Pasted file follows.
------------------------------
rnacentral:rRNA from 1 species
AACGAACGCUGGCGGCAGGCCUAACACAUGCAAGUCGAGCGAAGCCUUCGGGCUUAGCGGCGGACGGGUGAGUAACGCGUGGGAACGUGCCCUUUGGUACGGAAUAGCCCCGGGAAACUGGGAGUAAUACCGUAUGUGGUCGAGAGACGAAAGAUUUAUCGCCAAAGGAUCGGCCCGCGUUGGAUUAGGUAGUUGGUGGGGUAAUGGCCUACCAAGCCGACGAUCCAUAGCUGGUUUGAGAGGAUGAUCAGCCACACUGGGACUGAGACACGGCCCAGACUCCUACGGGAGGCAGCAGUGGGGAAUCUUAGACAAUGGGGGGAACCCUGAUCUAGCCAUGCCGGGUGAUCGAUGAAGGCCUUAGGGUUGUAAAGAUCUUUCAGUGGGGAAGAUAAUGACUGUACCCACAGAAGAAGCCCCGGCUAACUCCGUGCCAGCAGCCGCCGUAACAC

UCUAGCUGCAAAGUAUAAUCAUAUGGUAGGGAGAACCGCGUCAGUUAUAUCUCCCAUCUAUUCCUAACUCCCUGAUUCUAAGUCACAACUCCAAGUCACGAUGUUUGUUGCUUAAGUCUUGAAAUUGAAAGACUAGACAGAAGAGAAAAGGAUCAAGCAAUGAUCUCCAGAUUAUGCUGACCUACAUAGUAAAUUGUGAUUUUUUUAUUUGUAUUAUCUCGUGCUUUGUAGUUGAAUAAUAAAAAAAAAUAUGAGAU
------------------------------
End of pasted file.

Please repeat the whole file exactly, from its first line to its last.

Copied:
rnacentral:rRNA from 1 species
AACGAACGCUGGCGGCAGGCCUAACACAUGCAAGUCGAGCGAAGCCUUCGGGCUUAGCGGCGGACGGGUGAGUAACGCGUGGGAACGUGCCCUUUGGUACGGAAUAGCCCCGGGAAACUGGGAGUAAUACCGUAUGUGGUCGAGAGACGAAAGAUUUAUCGCCAAAGGAUCGGCCCGCGUUGGAUUAGGUAGUUGGUGGGGUAAUGGCCUACCAAGCCGACGAUCCAUAGCUGGUUUGAGAGGAUGAUCAGCCACACUGGGACUGAGACACGGCCCAGACUCCUACGGGAGGCAGCAGUGGGGAAUCUUAGACAAUGGGGGGAACCCUGAUCUAGCCAUGCCGGGUGAUCGAUGAAGGCCUUAGGGUUGUAAAGAUCUUUCAGUGGGGAAGAUAAUGACUGUACCCACAGAAGAAGCCCCGGCUAACUCCGUGCCAGCAGCCGCCGUAACAC

UCUAGCUGCAAAGUAUAAUCAUAUGGUAGGGAGAACCGCGUCAGUUAUAUCUCCCAUCUAUUCCUAACUCCCUGAUUCUAAGUCACAACUCCAAGUCACGAUGUUUGUUGCUUAAGUCUUGAAAUUGAAAGACUAGACAGAAGAGAAAAGGAUCAAGCAAUGAUCUCCAGAUUAUGCUGACCUACAUAGUAAAUUGUGAUUUUUUUAUUUGUAUUAUCUCGUGCUUUGUAGUUGAAUAAUAAAAAAAAAUAUGAGAU